All three cranes can have 113 m (370 ft) of main mast (107 m/350 ft with Maxilift), Maxilift and 95 m (310 ft) of luffing jib, but as described earlier luffing jib and maxilift cannot be rigged at the same time.
A: Yes. They built two RG 912s which are crawler versions of the AK 912.
One was build for Saldotechnica in Italy, which was later sold to Alatas in the Middle East.
The second crane went to Grandi and it is now with Mammoet.
Remarkably, this crane was sold with a Maxilift but without the crawlers that Grandi had built by another company.
A: Worth mentioning also are some other Gottwald cranes:
Lattice boom cranes
Firstly, the unique MK 1000-113 which was supplied to Sparrows (UK) in 1980. After “Grayston, White & Sparrow” (GWS) bought Sparrows, the crane was put up for sale. After the contract with an American company fell through, the crane was bought by Scott Greenham who immediately planned upgrading the machine to a MK 1200 but never had the actual rework done. When GWS bought Scott Greenham in 1987, the machine was back in GWS’s hands. GWS thought about of rating the crane up to a MK 1500 (1,250 metric tons—1,377 sht—maximum lifting capacity) but only had the work done a few years later. Meanwhile, the crane works with ALE.
It is a pedestal crane with a 3.3 m (11 ft) wide superstructure, which is pulled by a 6 axle Gottwald tractor, and on the rear a 5 axle Goldhofer trailer. Also the rear of the superstructure must be removed for transport. Both the tractor and trailer parts must be removed when the crane is operating as more ballast needs to be added. Another thing about this crane which makes it different is that the winches are diesel electrically powered instead of the more usual diesel hydraulic power. The crane is also equipped with a Maxilift.
Additionaly, Gottwald built the upper carriages of two AK 1200 (called AK 1000 S) that are working as a stationary harbour cranes in France with a heavily modified boom system and ballast - one in Evry near Paris.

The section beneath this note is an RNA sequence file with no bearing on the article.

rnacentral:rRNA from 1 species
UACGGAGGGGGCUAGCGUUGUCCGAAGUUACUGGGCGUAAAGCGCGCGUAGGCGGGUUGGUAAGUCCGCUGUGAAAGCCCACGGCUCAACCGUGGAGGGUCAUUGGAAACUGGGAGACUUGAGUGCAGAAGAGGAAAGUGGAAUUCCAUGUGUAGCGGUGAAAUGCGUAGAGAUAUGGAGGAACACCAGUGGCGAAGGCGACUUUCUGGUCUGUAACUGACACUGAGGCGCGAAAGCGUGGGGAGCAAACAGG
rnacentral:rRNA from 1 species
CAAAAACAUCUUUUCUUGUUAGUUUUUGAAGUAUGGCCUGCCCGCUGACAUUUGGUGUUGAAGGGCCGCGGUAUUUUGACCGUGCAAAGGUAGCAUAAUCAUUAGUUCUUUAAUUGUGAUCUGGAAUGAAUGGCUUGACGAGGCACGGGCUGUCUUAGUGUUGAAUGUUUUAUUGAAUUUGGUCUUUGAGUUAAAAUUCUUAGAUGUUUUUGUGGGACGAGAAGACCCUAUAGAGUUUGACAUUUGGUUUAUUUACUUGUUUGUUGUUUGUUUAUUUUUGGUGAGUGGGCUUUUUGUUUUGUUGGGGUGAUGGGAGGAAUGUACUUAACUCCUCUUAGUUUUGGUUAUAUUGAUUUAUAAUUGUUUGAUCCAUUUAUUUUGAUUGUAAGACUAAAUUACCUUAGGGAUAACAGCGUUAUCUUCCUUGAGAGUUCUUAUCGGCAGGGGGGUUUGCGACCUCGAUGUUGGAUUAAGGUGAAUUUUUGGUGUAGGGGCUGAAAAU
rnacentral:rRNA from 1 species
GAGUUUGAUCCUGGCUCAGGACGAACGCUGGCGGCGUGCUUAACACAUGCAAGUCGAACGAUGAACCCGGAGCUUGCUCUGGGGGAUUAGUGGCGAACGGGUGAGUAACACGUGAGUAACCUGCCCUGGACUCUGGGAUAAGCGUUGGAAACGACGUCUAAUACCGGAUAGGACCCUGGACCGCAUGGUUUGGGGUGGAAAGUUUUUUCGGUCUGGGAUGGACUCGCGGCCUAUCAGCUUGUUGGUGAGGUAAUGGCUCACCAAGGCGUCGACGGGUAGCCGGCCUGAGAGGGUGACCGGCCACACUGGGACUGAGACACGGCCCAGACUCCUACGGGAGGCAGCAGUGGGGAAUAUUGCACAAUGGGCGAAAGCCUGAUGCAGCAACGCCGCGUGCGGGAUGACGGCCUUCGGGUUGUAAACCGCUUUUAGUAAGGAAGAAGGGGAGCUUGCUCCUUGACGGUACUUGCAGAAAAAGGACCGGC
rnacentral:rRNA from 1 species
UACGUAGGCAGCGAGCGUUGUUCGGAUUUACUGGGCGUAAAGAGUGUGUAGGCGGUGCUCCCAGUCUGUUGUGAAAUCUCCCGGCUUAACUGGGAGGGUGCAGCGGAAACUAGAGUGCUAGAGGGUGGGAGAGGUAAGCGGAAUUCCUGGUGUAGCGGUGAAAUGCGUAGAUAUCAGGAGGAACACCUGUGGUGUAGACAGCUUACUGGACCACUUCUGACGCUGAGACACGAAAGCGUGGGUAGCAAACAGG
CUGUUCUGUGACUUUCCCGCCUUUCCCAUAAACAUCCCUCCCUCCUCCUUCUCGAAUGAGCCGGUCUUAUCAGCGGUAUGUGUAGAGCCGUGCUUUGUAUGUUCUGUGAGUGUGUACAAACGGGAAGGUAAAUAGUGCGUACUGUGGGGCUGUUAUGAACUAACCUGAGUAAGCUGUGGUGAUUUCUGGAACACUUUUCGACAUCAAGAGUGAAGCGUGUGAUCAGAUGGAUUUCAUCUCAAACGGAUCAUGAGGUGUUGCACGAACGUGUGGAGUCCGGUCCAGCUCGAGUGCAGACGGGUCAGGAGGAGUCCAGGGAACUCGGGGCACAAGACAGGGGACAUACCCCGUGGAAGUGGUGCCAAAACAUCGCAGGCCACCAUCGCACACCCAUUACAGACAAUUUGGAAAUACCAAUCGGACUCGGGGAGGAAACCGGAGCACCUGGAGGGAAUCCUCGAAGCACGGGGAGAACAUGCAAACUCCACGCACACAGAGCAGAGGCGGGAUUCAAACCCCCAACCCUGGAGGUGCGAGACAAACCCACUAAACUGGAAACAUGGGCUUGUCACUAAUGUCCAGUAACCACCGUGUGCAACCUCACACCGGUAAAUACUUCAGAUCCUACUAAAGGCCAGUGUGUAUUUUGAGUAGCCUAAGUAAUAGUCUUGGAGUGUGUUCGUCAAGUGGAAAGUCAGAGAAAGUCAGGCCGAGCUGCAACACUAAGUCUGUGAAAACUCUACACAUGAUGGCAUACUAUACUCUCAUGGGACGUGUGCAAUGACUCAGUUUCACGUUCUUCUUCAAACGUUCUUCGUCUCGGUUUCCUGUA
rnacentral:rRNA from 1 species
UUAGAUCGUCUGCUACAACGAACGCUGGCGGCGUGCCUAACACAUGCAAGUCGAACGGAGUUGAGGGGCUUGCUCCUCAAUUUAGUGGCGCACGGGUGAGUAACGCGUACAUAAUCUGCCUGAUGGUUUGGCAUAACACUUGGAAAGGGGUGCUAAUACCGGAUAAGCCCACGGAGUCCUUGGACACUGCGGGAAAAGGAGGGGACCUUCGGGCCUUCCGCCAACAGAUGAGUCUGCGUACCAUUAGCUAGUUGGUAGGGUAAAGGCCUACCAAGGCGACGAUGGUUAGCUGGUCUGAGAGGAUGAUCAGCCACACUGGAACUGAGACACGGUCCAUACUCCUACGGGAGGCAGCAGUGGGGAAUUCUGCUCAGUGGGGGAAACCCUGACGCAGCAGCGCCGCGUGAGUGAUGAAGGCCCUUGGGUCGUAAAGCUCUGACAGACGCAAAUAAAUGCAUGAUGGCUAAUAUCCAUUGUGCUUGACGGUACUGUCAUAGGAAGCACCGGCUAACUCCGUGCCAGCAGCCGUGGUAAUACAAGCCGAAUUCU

Then there are the AK680 and AK450 cranes.
Of the AK 680, two were built, one very similar to the AK 850 (AK 680-1) and one on a semitrailer configuration which was the 6 axle Gottwald tractor at the front and a 4 axle Scheuerle bogie at the rear (AK 680-2).
The “conventional” one was built in 1980 for Scott (including a Maxilift). When “Grayston, White & Sparrow” (GWS) later took over Scott Greenham the crane became part of the GWS fleet. After Rentokil Initial bought GWS, the heavy cranes were sold to Sarens (Belgium) and smaller machines to Ainscough. Sarens had the crane heavily rebuilt and refurbished in 2001. The most obvious feature of the rebuild is the new style Demag driver’s cab. Since the rebuild it has been re-classified as AK 680-3 internally.
The semitrailer crane was supplied new with maxilift equipment to Stanley Davies in 1979. Since Stanley Davies worked closely together with Hewden Stuart, the crane was run in Hewden Stuart livery. When the cran crashed on a job with Maxilift equipment, the insurance company involved sold the cran to Schmidbauer who kept the maxilift equipment for their AK 850 when they sold it to Tecmaco (Argentina). Tecmaco is a subsidiary of Sarens (Belgium) and some years later, the crane came to Sarens itself. Like the MK 1000, this crane uses a 6 axle Gottwald tractor, but bogie only has four axles. After some overhaul and maintenance work, the crane is now called “AK 680-4” within Sarens.
In the course of time, both AK 680 received reinforced 18 m (59 ft) boom sections but presumably also kept the old ones. Furthermore there's proof that Hewden Stuart rigged the crane with a 107 m (351 ft) luffer on one job. This is 12 m (40 ft) longer than the official specification of 95 m (311 ft).
The MK660 is a rather old design from the seventies, able to handle 650 metric tons (716 sht) of load. One crane was built in 1976/77 for Van Driessche in Belgium. After a while with Fostrans in France, the crane went to Peyrani in Italiy. This company is using it currently in Lybia.
Contratry to its name, the MK650 could “only” lift 500 metric tons (550 sht). Of this type, three cranes were built: One of these was delivered to Stoof, Breda, NL. It was later sold at first to Cochez (F) and later to a chinese company.
The secound crane was built as a MK 650-68 for Schmidbauer in Munich in 1972, where it was as “Olympiakran” (olympic crane), due to the date of its delivery. The crane was always transported with the help of a four-axle Faun-Tractor and rearward three-axle module, but it could be done both in a semitrailer configuration or the crane being pulled as normal trailer with the help of a second three-axle module in front of the crane. Later the crane was to Van Seumeren and from there to somewhere in Marokko around 1990/91.
The third crane was built for Sarens in a semitrailer-configuration with a four-axle module a the rear. The crane was pulled by a six-axle MOL tractor. The crane went to Sarens/UK (known as “Curtis” then) after that and now works for Peyrani of Italy.
The MK600 was originally designed as a 400 t crane (440 sht), but reportedly, these cranes have handled so much as 550 metric tons (600 sht). Van Driessche of Belgium owned a MK 600, that was later sold to Naber in Jordan. As of October 2010, the crane is still working.